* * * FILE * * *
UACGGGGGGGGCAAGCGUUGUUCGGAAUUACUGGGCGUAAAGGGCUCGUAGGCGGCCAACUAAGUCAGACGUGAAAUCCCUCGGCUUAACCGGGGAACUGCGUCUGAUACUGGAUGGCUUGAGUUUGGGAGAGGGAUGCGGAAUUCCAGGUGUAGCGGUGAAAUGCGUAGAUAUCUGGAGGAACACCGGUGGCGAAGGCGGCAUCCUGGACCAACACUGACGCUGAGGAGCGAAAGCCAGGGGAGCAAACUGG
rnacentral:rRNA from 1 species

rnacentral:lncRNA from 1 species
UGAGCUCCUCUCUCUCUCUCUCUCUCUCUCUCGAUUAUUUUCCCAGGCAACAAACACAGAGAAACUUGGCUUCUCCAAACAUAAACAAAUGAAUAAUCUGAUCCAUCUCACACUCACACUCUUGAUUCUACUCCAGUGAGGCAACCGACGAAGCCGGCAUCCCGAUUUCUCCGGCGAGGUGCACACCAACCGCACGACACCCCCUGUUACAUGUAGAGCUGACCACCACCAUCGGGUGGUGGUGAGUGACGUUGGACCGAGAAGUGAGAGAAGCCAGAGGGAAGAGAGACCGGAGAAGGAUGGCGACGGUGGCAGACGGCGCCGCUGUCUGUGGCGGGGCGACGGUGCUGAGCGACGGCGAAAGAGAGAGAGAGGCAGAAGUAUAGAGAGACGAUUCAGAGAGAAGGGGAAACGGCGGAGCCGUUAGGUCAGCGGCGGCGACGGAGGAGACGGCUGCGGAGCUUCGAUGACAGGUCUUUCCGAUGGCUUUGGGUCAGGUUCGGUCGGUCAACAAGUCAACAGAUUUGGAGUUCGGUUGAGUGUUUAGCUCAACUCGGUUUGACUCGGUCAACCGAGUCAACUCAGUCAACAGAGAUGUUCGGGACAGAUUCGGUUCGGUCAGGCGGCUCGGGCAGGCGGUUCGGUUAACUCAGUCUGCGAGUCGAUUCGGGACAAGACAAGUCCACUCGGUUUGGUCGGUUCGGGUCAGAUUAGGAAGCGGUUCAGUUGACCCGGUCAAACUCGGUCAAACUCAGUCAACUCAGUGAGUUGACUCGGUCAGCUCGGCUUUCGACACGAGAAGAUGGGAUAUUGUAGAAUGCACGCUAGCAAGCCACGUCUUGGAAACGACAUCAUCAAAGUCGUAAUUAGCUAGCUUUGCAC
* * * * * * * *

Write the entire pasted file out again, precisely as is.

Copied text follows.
UACGGGGGGGGCAAGCGUUGUUCGGAAUUACUGGGCGUAAAGGGCUCGUAGGCGGCCAACUAAGUCAGACGUGAAAUCCCUCGGCUUAACCGGGGAACUGCGUCUGAUACUGGAUGGCUUGAGUUUGGGAGAGGGAUGCGGAAUUCCAGGUGUAGCGGUGAAAUGCGUAGAUAUCUGGAGGAACACCGGUGGCGAAGGCGGCAUCCUGGACCAACACUGACGCUGAGGAGCGAAAGCCAGGGGAGCAAACUGG
rnacentral:rRNA from 1 species

rnacentral:lncRNA from 1 species
UGAGCUCCUCUCUCUCUCUCUCUCUCUCUCUCGAUUAUUUUCCCAGGCAACAAACACAGAGAAACUUGGCUUCUCCAAACAUAAACAAAUGAAUAAUCUGAUCCAUCUCACACUCACACUCUUGAUUCUACUCCAGUGAGGCAACCGACGAAGCCGGCAUCCCGAUUUCUCCGGCGAGGUGCACACCAACCGCACGACACCCCCUGUUACAUGUAGAGCUGACCACCACCAUCGGGUGGUGGUGAGUGACGUUGGACCGAGAAGUGAGAGAAGCCAGAGGGAAGAGAGACCGGAGAAGGAUGGCGACGGUGGCAGACGGCGCCGCUGUCUGUGGCGGGGCGACGGUGCUGAGCGACGGCGAAAGAGAGAGAGAGGCAGAAGUAUAGAGAGACGAUUCAGAGAGAAGGGGAAACGGCGGAGCCGUUAGGUCAGCGGCGGCGACGGAGGAGACGGCUGCGGAGCUUCGAUGACAGGUCUUUCCGAUGGCUUUGGGUCAGGUUCGGUCGGUCAACAAGUCAACAGAUUUGGAGUUCGGUUGAGUGUUUAGCUCAACUCGGUUUGACUCGGUCAACCGAGUCAACUCAGUCAACAGAGAUGUUCGGGACAGAUUCGGUUCGGUCAGGCGGCUCGGGCAGGCGGUUCGGUUAACUCAGUCUGCGAGUCGAUUCGGGACAAGACAAGUCCACUCGGUUUGGUCGGUUCGGGUCAGAUUAGGAAGCGGUUCAGUUGACCCGGUCAAACUCGGUCAAACUCAGUCAACUCAGUGAGUUGACUCGGUCAGCUCGGCUUUCGACACGAGAAGAUGGGAUAUUGUAGAAUGCACGCUAGCAAGCCACGUCUUGGAAACGACAUCAUCAAAGUCGUAAUUAGCUAGCUUUGCAC